Is India’s post-pandemic economic recovery K-shaped rather than V- shaped? Analyse
Economic recovery is the business cycle stage following a recession that is characterized by a sustained period of improving business activity. Normally, during an economic recovery, gross domestic product (GDP) grows, incomes rise, and unemployment falls as the economy rebounds. Economic recovery can take many forms, example, a Z-shaped recovery, V-shaped recovery, U-shaped recovery, elongated U-shaped recovery, W-shaped recovery and L-shaped recovery.
K-shaped and V-shaped recoveries
- A K-shaped recovery occurs when, following a recession, different parts of the economy recover at different rates, times, or magnitudes. This is in contrast to an even, uniform recovery across sectors, industries, or groups of people. A K-shaped recovery leads to changes in the structure of the economy or the broader society as economic outcomes and relations are fundamentally changed before and after the recession. This type of recovery is called K-shaped because the path of different parts of the economy when charted together may diverge, resembling the two arms of the Roman letter “K.”
- A V-shaped recovery is characterized by a quick and sustained recovery in measures of economic performance after a sharp economic decline. Because of the speed of economic adjustment and recovery in macroeconomic performance, a V-shaped recovery is a best-case scenario given the recession.
India’s post pandemic recovery- K shaped
Signs from the industry
- According to a CRISIL analysis, two-wheeler sales are expected to fall by 3 percent to 6% year over year in 2021.
- Two-wheelers are crucial because they symbolise the economic status of India’s lower and middle classes, as well as small companies.
- Two-wheeler sales have dropped to their lowest level in seven years.
- While corporate taxes are being reduced, the government is keeping indirect taxes on fuel and consumer goods.
- Furthermore, the government recently increased textile product tariffs from 5% to 12%.
- Increases in taxes have resulted in a continuous loss of disposable income, even though incomes have mostly stayed consistent.
In terms of employment, NREGA
- According to a survey from the Centre for Monitoring Indian Economy (CMIE), over 50 lakh workers lost their jobs in October 2021.
- Many of individuals who lost their employment at this time are likely to be financially uneasy and avoid non-essential purchases.
- This, combined with rising food and fuel prices, is a lethal combination that pushes families into poverty. Furthermore, the Government of India reduced its budget allocation for MGNREGA by 34% in the fiscal year 2021-2022.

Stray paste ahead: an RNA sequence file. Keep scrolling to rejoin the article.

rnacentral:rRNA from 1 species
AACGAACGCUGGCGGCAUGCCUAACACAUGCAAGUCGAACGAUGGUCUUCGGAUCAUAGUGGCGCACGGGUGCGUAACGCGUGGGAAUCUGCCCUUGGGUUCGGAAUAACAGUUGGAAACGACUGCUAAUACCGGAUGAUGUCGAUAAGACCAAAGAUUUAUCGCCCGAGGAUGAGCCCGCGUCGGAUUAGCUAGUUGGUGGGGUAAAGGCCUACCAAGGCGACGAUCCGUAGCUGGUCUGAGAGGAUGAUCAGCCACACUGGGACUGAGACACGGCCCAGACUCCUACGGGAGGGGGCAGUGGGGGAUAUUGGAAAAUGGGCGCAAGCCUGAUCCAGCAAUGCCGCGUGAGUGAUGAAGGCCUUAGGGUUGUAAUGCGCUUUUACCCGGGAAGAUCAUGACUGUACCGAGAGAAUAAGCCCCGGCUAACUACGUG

- MGNREGA employment are in higher demand now than they were prior to COVID-19.
- The smaller budget allocation accounts for the inability to reward workers in a timely and equitable manner.
- This year’s budget includes funds to pay off liabilities from the previous fiscal year.
- Those looking for MGNREGA work cannot afford to be unpaid for long periods of time.
- Over the last year, the stock market and other financial assets have recovered spectacularly.
- However, less than 5% of Indians participate in shares, implying that less than 5% of Indians actually benefited from the rebound.
- As a result, the stock market’s recovery does not always represent the state of the economy, as previously reported.
While worries about ballooning public debt would restrict fiscal support, concerns about inflation would keep the central bank from cutting interest rates.
These limitations could contribute to making the economy’s recovery a long drawn one, with ‘K’ representing an uneven rebound compared to a V-shaped one, which as the letter suggests a quick return to growth.
Rising inequalities were “particularly painful” to a low-income country like India, where the upper segments of the population have seen their incomes protected and their wealth rise while the lower sections have lost jobs, incomes, savings and purchasing power
The Implications of a K-Shaped Recovery Following Covid:
- Households at the bottom have seen a permanent loss of income in the form of job losses and wage cutbacks; if the labour market does not heal faster, this will be a continuing drag on demand.
- To the extent that Covid has resulted in an effective income transfer from the poor to the rich, this will be demand-impeding because the poor have a considerably greater marginal propensity to consume (i.e. they tend to spend rather than save) a much larger proportion of their income.
- If Covid-19 decreases competition or raises income and opportunity inequality, it may have an impact on trend growth in developing economies by lowering productivity and tightening political economy limitations.
- Given the desperate position of lower-income households, it is critical that the government try to assist the middle and lower-middle classes.
- Social welfare programmes must be prioritised in order to help households get through this difficult time.
- Budgets for spending items like as subsidies, job creation, rural development, and other social sector programmes are anticipated to remain large in light of the K-shaped recovery and the emerging “pandemic poor.” The cost of vaccinations is added to the bill.
- To limit the damage to potential growth, the government will also need to tighten its focus on capital spending.
- To relieve financial strain on lower-income households, the government could consider boosting progressive (direct) taxes and decreasing regressive (indirect) taxes.
How to structure:
- Give a brief introduction about economic recovery
- Briefly mention about K-shaped and V-shaped recoveries
- Now explain which recovery is India is showing, with examples and arguments that support your argument
- Suggest way forward for a stable economic growth and conclude